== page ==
Healing the Break
Daniel MacNaughton

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This article discusses why the old practice of sister framing was unsound engineering and results in lower strength than the original construction plus lower resale value for the boat. It discusses traditional frame replacement and laminated frame replacement and then explores a method of repairing broken frames in place in a manner that results, even in straight sections,in the same strength as unbroken wood, and in tight curves tends to be significantly stronger than the original construction without an increase in weight. We call this method the "Scotsman". The article is illustrated with a line drawing showing the stages of the process and with photos taken of a recent project. By the way this same type of technique is excellent for repairing planking butts, damaged planks, and holes where through hulls have been removed, etc.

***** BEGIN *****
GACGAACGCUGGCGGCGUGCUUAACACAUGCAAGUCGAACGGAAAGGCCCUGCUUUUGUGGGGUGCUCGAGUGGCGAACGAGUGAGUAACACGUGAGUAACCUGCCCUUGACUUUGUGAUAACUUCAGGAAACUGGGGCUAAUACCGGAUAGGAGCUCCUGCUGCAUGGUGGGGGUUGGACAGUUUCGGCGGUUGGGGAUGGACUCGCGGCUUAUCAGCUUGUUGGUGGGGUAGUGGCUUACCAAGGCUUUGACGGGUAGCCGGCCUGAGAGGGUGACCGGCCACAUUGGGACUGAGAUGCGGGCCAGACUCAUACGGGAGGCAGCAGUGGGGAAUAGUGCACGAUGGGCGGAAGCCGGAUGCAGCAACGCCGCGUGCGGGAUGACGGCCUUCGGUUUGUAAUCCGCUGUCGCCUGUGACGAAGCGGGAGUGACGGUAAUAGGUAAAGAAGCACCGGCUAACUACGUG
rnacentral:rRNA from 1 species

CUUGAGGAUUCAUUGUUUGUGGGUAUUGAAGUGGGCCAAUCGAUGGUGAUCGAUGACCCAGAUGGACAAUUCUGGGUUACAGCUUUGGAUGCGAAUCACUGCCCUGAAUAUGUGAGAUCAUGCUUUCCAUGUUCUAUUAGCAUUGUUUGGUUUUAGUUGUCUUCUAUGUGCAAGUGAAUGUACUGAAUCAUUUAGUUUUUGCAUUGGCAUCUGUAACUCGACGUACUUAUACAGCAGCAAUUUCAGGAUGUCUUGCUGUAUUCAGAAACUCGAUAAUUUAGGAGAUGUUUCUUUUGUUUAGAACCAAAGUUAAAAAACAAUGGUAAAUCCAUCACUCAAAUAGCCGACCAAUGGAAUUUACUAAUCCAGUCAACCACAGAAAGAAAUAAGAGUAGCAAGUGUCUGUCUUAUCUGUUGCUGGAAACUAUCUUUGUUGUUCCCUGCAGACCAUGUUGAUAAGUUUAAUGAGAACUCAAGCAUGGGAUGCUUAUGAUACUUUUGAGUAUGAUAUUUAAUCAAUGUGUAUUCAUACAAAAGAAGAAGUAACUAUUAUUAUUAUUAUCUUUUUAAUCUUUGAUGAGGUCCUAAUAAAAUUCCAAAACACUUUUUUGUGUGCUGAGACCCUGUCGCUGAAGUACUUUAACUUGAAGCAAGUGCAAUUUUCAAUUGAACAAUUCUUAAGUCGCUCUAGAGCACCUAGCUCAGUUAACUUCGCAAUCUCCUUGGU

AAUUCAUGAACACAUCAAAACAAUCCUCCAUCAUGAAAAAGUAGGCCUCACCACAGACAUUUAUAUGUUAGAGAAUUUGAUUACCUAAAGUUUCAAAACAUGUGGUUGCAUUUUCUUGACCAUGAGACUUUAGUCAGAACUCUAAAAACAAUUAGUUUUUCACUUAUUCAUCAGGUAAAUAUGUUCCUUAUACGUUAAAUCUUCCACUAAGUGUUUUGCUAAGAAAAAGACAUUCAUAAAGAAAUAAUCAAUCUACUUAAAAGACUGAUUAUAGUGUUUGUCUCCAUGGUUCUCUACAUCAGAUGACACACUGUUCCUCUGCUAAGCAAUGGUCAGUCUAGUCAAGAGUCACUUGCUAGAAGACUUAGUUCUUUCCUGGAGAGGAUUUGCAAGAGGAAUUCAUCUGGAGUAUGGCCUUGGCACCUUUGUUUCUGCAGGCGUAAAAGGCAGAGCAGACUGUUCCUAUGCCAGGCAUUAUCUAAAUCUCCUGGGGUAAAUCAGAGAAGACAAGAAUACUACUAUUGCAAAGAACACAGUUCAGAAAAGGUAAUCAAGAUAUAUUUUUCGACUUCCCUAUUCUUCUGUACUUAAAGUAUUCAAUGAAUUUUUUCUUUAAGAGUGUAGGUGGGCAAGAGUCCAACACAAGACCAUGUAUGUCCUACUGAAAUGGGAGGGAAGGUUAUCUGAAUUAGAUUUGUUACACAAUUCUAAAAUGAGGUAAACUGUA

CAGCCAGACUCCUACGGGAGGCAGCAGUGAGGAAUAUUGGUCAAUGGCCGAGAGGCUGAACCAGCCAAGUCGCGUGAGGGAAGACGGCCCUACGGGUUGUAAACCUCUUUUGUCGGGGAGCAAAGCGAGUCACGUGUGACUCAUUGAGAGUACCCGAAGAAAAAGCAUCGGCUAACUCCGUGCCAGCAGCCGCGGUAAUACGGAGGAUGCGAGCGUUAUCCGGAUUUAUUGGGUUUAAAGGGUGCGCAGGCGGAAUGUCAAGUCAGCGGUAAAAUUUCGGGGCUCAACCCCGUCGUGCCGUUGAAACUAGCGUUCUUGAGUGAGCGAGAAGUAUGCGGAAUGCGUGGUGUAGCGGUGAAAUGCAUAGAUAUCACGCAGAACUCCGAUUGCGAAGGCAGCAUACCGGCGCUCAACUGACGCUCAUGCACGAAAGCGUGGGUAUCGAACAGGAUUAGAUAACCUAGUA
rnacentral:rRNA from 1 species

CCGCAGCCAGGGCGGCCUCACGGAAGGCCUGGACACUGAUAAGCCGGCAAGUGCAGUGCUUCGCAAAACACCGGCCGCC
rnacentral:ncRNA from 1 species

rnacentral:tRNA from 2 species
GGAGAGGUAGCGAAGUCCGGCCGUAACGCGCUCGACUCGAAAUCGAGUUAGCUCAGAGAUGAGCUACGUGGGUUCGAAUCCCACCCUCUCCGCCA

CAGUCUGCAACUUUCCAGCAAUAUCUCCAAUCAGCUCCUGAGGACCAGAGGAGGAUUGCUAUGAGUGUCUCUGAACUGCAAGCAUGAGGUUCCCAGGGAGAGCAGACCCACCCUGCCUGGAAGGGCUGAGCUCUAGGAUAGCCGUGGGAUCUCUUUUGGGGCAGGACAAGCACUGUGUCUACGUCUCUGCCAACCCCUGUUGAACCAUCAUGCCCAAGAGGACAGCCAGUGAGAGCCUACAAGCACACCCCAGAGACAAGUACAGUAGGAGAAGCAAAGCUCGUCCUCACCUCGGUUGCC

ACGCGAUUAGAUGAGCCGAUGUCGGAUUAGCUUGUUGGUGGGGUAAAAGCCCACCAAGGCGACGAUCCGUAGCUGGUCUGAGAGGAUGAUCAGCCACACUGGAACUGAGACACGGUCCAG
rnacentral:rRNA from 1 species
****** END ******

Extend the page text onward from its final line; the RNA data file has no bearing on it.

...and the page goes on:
This article discusses why frames break and why some of the "repair" techniques, such as "sister framing" is actually weaker than the original frame, which we already know wasn't strong enough.

We then go on to explain the theory and practice of a proper repair of a frame where complete replacement would not be cost effective.  We call this repair a "Scotsman" because it will make a superior repair at so much lower cost that many vessels that would not be feasible to do a full strength repair on any other way will now be cost effective to restore to full strength and indeed full investment value.

We've done extensive tests on this and find that even when stressed to the breaking point you cannot find any indication that the repaired section or any portion next to it is more likely to break than a new unrepaired frame of the same dimensions.

We are proud to have contributed this to the collection of repair methods available to the industry and have noticed that it has now spread all over the world and is appearing in books and articles as the proper way to repair frames.  (tm)  $10.00

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